Deep in the heart of Georgia, a little boy tosses a baseball high in the air and catches it. Each throw a little higher a bit more altitude, with a little more arc, making it harder to catch. With each throw, a young man’s confidence grows, his belief that he can play this game called baseball becomes more and more immense by the minute.
Personal and family sacrifices, the hours of playing catch, hitting that little ball off the tee, running after a pop fly and fielding sharp grounders are finally paying huge dividends. Joy intersects with passion and hard work, resulting in the formation of a dream come true.
Gradual advancement, more hard work, incremental improvement, maturity, the taste of success at the tip of your tongue, the fruits of your labor are starting to blossom.
Plateau. They said it, not you. Your stuck, stuck behind someone else’s dream, trying to find clear wind to fill your sails, but the others are tacking in front of you, stealing the very wind that drove you to success. You move, they move, it’s not personal, it’s just competitive. This is not the joy you envisioned, skewed but still in it’s light and nature. A kalidescope of your original dream disappearing into a pattern of dashed hopes and missed windows.
Perseverance is a word whose meaning is deeply understood by few, lived by even fewer. Tough times bring fight or flight, the tendency is finding a place to keep your head above water, settling for something steady and predictable, something more of a sure thing. Common sense and fate may have been knocking on the door of the dream, a cruel foreshadowing of illusion, deep indication that it’s time to forge another path, to alter course.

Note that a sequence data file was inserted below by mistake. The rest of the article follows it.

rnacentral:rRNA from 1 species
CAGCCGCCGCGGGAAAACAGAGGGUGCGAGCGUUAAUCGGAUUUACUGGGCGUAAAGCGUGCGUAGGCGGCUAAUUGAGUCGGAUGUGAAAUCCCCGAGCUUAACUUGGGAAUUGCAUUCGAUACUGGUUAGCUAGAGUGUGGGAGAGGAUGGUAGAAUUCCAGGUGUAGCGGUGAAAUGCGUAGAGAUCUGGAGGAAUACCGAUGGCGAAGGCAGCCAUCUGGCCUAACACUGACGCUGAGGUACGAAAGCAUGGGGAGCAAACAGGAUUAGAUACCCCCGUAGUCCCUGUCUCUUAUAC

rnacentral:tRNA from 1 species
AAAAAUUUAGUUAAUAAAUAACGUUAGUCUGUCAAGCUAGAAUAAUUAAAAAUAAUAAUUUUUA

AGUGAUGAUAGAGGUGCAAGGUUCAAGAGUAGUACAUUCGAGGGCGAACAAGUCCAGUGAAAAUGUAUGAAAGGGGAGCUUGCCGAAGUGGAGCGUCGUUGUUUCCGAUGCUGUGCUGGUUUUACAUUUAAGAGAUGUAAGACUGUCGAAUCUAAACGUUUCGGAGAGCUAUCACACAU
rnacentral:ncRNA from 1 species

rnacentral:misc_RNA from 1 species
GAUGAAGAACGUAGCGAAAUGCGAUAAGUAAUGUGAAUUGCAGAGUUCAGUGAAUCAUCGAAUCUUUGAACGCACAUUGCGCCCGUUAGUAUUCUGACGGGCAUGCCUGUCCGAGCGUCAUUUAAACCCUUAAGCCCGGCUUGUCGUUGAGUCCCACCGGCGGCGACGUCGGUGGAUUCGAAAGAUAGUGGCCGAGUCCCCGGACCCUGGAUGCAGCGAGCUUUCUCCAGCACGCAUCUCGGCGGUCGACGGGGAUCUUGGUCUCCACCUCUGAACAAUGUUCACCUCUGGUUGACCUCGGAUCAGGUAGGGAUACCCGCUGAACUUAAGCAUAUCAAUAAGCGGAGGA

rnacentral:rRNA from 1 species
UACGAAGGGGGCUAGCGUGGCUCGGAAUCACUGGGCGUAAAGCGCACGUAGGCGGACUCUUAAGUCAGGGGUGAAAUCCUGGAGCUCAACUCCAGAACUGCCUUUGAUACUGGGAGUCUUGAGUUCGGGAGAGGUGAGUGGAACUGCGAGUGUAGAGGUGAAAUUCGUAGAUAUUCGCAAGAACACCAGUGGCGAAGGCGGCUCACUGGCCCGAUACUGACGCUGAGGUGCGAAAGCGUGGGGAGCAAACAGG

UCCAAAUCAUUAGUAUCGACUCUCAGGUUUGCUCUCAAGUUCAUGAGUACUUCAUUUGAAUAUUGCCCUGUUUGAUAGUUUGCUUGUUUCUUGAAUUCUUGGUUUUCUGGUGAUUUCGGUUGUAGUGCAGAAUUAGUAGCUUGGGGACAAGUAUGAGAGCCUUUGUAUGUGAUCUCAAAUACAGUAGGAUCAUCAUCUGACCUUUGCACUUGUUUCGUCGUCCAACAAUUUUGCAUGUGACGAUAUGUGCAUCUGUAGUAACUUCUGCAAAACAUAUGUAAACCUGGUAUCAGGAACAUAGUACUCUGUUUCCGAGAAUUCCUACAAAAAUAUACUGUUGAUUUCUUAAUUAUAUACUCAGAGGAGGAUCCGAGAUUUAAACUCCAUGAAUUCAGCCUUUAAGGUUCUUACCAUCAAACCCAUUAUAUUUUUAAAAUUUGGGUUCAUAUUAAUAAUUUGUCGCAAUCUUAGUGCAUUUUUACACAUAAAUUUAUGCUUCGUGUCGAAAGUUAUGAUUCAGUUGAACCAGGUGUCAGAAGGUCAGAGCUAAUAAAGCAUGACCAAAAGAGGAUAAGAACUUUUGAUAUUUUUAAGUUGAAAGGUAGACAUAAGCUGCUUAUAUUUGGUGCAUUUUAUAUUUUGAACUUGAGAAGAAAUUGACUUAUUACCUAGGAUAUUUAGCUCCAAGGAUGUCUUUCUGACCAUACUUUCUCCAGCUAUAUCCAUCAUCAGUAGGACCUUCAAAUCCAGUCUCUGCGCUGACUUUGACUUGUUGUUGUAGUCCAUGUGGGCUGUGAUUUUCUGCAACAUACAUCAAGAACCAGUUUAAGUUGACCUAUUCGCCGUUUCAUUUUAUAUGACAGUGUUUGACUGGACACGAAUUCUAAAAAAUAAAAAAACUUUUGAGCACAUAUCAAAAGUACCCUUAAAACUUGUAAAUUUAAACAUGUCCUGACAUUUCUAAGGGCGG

Dusty roads, an endless bus ride, fast food and even faster competition. Substitute teaching, working with kids, stealing time away to stay sharp, finding the inner strength to continue working on your game against all odds. The dream is still at the end of your fingertips, if only someone could see the yearning, the desire, the intense burn of competition.
One chance is all he ever wanted. One chance, if they could only believe in him a mere fraction as much as he believes in himself. Portland, Oregon to Scranton-Wilkes Barre, Pennsylvania, and in the middle, Des Moines, Iowa. Living year 11 of the dream, wondering if it will ever come true or will it be a constant reminder of what could have been…
By now, virtually every serious fan of the Chicago Cubs has embraced the feel good story of 2009, the emergence of rookie infielder Bobby Scales. Scales, after toiling in the minor leagues for 10 seasons, finally got his cup of coffee in the major leagues on May 5th, courtesy of Cubs P Carlos Zambrano. If Zambrano hadn’t been injured and if the Cubs didn’t have an immediate need for another infielder, the switch-hitting Scales would still be roaming the sweet dirt of Des Moines, Iowa. Instead, all Scales has done is hit, going 8-18 (.444 batting average) with 1 HR and 5 RBI’s including a pair of two run doubles in yesterday’s 11-3 Cubs victory over the San Diego Padres. He’s gotten a hit in every single game he’s played.
There’s a good chance that Bobby Scales will be sent back to Iowa when the Cubs activate Zambrano from the 15-day disabled list. The Chicago Cubs might be led by the likes of Alfonso Soriano, Derrek Lee, Milton Bradley, and Aramis Ramirez, but the heart and soul of the franchise is encased in players such as Scales. If it all ended today, Bobby Leon Scales would have achieved the dream that every kid who has touched a ball has ever dared to imagine.